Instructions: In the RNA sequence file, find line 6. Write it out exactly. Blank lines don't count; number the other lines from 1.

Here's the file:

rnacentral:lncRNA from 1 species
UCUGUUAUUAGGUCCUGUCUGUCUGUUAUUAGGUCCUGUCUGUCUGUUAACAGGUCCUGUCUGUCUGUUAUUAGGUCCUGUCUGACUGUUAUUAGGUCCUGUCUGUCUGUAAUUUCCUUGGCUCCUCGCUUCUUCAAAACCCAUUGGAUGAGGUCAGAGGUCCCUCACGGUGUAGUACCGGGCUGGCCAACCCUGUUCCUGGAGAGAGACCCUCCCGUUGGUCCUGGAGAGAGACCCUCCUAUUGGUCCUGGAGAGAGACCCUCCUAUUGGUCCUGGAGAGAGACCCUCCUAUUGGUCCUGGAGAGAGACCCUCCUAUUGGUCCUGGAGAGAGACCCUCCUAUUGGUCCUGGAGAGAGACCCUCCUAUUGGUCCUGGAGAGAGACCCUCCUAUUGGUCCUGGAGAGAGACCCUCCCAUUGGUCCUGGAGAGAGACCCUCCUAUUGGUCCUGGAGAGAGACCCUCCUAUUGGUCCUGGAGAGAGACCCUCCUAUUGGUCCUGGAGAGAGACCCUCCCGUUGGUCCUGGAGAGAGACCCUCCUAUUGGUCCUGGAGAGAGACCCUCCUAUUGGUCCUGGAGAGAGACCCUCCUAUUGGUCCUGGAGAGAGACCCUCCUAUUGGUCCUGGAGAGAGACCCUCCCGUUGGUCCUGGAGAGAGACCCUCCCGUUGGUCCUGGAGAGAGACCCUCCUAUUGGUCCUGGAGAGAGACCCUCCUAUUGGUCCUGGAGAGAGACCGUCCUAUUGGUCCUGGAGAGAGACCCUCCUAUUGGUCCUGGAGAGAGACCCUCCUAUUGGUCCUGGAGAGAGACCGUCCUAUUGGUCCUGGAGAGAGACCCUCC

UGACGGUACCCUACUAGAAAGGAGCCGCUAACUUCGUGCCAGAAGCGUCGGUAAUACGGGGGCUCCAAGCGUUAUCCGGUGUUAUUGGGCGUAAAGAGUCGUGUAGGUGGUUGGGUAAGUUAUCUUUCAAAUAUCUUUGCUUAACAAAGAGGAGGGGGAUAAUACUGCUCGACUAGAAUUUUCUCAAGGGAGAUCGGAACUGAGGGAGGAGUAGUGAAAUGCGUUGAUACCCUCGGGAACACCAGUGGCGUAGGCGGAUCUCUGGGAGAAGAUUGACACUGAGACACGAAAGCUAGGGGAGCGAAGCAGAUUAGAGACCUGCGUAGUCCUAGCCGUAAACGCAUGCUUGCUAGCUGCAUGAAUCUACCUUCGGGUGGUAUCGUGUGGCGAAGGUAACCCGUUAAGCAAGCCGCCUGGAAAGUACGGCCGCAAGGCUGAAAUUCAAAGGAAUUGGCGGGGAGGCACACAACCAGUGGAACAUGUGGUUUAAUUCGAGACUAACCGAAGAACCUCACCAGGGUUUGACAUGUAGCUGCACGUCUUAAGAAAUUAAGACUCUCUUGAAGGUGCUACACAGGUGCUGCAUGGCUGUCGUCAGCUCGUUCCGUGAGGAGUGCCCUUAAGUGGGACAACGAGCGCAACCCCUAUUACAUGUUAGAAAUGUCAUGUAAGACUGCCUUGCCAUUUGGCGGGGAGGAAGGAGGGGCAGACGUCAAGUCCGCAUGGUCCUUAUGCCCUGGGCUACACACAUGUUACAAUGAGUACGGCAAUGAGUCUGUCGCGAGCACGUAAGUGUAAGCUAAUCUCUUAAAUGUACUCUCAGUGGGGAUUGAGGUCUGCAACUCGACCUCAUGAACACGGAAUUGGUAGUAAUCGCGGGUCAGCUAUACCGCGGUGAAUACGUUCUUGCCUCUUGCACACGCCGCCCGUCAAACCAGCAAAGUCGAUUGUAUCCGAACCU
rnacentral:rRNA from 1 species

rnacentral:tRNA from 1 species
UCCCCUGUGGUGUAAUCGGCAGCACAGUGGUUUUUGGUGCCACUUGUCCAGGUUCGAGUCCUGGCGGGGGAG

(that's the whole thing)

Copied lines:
UCCCCUGUGGUGUAAUCGGCAGCACAGUGGUUUUUGGUGCCACUUGUCCAGGUUCGAGUCCUGGCGGGGGAG